“We are hurting – financially and emotionally.” That was the assessment from Tunisia’s UK tourism chief after the collapse of Thomas Cook dealt a fresh blow to the destination’s tourism recovery.
Cook was the first British operator to return to Tunisia after the Sousse terror attack, and its failure will leave a €70 million hole in the country’s tourism industry, according to Wahida Jaiet, UK and Ireland director of the Tunisia National Tourist Office.
Cook customers comprised around 100,000 of Tunisia’s 180,000 UK guests so far this year, and Jaiet said hopes of reaching 300,000 in 2020 had now “fallen apart”.
Tunisian tourism is still recovering from the 2015 atrocity, in which 30 British Tui customers were murdered, and which took the country off the tourism map until the Foreign Office changed its advice in July 2017.
TTG was onboard Thomas Cook’s first flight to Tunisia in February 2018.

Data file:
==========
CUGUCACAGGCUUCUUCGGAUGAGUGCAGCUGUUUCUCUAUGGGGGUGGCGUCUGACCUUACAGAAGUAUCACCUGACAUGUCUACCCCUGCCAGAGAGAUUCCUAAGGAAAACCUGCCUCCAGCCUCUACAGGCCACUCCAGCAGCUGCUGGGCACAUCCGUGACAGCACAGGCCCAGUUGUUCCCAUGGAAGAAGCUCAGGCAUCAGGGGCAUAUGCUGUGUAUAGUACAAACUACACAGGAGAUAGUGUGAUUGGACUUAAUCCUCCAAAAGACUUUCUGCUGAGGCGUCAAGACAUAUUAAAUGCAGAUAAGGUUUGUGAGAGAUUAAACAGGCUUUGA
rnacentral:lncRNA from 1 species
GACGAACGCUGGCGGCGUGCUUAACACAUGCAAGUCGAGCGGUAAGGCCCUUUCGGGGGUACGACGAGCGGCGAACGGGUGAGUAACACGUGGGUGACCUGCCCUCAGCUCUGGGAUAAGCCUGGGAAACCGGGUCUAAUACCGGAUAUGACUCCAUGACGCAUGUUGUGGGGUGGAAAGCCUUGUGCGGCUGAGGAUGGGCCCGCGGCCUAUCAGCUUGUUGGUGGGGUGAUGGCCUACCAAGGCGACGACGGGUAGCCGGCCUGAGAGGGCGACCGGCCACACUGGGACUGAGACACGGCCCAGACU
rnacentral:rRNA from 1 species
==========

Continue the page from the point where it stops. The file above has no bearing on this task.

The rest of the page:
Hopes are now turning to attracting a partnership with another major travel brand, although Jaiet said talk of bringing Jet2 to its shores was currently “just wishful thinking”.
She said the main focus for Tunisia was to allow Cook guests still in the destination to enjoy the rest of their stay and try to eke back some money for its hoteliers from Cook’s liquidators.
“We want to make sure that Thomas Cook’s failure is not the customers’ memory of Tunisia and that they had an amazing experience – we need them to want to come back now more than ever.”
The gap left by Cook could provide “a real opportunity” for smaller tour operators, Jaiet said.
“We must be positive and work hard to bring more British people back to Tunisia despite this blow to our plans,” she added.